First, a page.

The debate over whether unpasteurized milk is a health benefit or health hazard is one that has been going for years, and it shows no sign of letting up anytime soon. Healthy food advocates often speak of it as a miracle cure for all sorts of chronic ailments, and public health officials seem to think it may as well be a tall glass of Salmonella. With such high stakes, who do you believe? People on both sides seem convinced that the issue is as black and white as a Holstein’s hide, but as with most debates, the truth lies somewhere in the middle.

I stumbled into the raw milk debate when I decided to try milk from Organic Pastures in Fresno, CA, whose herd is fed 100 percent well, organic pasture, but one quick glance at their website will tell what their real passion is raw milk. I’d never really given raw milk much thought, and so I had the same questions most people do about it. Is it safe? Is it really better for you? A cursory surf around the internet revealed a highly polarized debate. One side claims raw milk is deadly dangerous, and the other claims there’s no risk at all. Neither was convincing. So I dug further.


APHIS to Issue Animal Welfare Enforcement Information

WASHINGTON, April 29, 2010 - The U.S. Department of Agriculture’s Animal and Plant Health Inspection Service (APHIS) announced today that it will begin issuing press releases announcing the outcome of enforcement actions taken in response to violations of the Animal Welfare Act (AWA).

“It is clear that certain repeat offenders are not taking issues of animal welfare and humane treatment seriously enough,” APHIS Administrator Cindy Smith said.  “In turn, APHIS will not only be moving more swiftly to take enforcement action, but we will be making information about those enforcement actions available to the public through the press and on our Web site.”

Beginning in June, APHIS will issue monthly press releases that include case summaries where the agency is charging people and businesses with violations of the AWA.  The press releases will also provide summary information about closed enforcement cases and penalties levied.

The agency previously issued press releases of this nature, but discontinued the practice in 2002.

APHIS’ animal care program, responsible for the agency’s enforcement of the AWA, provides leadership for determining standards of humane care and treatment for animals, except those animals that are raised for food or fiber.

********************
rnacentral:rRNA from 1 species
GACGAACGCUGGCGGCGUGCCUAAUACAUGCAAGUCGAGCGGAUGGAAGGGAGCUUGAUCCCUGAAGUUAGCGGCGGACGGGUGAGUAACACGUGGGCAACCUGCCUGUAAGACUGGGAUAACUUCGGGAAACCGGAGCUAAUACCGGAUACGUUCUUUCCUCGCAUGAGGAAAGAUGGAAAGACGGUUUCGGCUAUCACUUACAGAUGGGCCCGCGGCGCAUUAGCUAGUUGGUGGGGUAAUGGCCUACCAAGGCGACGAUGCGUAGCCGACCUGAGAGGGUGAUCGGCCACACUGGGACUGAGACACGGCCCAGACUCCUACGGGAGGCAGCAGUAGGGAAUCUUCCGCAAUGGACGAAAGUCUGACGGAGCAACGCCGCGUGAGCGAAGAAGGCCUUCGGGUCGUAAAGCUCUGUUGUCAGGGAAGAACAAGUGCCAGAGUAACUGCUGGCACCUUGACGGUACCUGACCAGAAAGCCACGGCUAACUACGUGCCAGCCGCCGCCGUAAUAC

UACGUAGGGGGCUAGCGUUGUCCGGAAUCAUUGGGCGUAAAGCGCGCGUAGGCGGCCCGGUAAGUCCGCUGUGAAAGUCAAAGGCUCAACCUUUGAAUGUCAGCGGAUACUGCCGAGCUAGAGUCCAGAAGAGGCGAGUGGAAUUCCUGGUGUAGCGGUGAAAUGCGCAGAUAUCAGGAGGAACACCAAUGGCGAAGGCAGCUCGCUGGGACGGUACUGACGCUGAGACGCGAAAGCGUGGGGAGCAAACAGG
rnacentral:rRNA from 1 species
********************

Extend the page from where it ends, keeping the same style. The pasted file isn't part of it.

Note to Reporters:  USDA news releases, program announcements and media advisories are available on the Internet and through Really Simple Syndication (RSS) feeds.  Go to the APHIS news release page at and click on the RSS feed link.  To receive APHIS releases automatically, send an e-mail message to [email protected] and leave the subject blank.  In the message, type
subscribe press_releases.

USDA Announces Animal Disease Traceability Public Meetings

WASHINGTON, April 29, 2010 - The U.S. Department of Agriculture's Animal and Plant Health Inspection Service (APHIS) will be holding three public meetings on the animal disease traceability framework approach.  The meetings will take place next month in Missouri, Maryland and Colorado.  Additional meetings will be scheduled in the coming weeks.

On Feb. 5, 2010, USDA Secretary Tom Vilsack announced that USDA will develop a new, flexible, yet coordinated framework for animal disease traceability in the United States.  Under this new direction, states and tribal nations must establish the ability to trace, animals moving interstate back to their state of origin.  The new framework will embrace the strengths and expertise of states, tribal nations, and producers, and empower them to find and use the traceability approaches that work best for them.  The Secretary has pledged to develop this new approach as transparently and collaboratively as possible.

USDA has scheduled three public meetings to discuss animal disease traceability with livestock industry representatives and members of the public to gather feedback on appropriate approaches under the new framework.

The public meetings will be held from 8 a.m. to 4 p.m. local time, with registration starting one hour prior to each meeting.  The meetings will be held in the following locations:

Tuesday, May 11:  Kansas City, Mo.
Thursday, May 13:  Riverdale, Md.
Monday, May 17: Denver, Colo.
Please note that there is a $4 parking charge at the Riverdale facility.  Alternatively, this site is within walking distance of the College Park metro station.

A Federal Register notice about the meetings will be forthcoming to officially announce the meetings.  Additional meetings will be scheduled in the coming weeks.

Note to Reporters:  USDA news releases, program announcements and media advisories are available on the Internet and through Really Simple Syndication (RSS) feeds.  Go to the APHIS news release page at and click on the RSS feed link.  To receive APHIS releases automatically, send an e-mail message to [email protected] and leave the subject blank.  In the message, type
subscribe press_releases.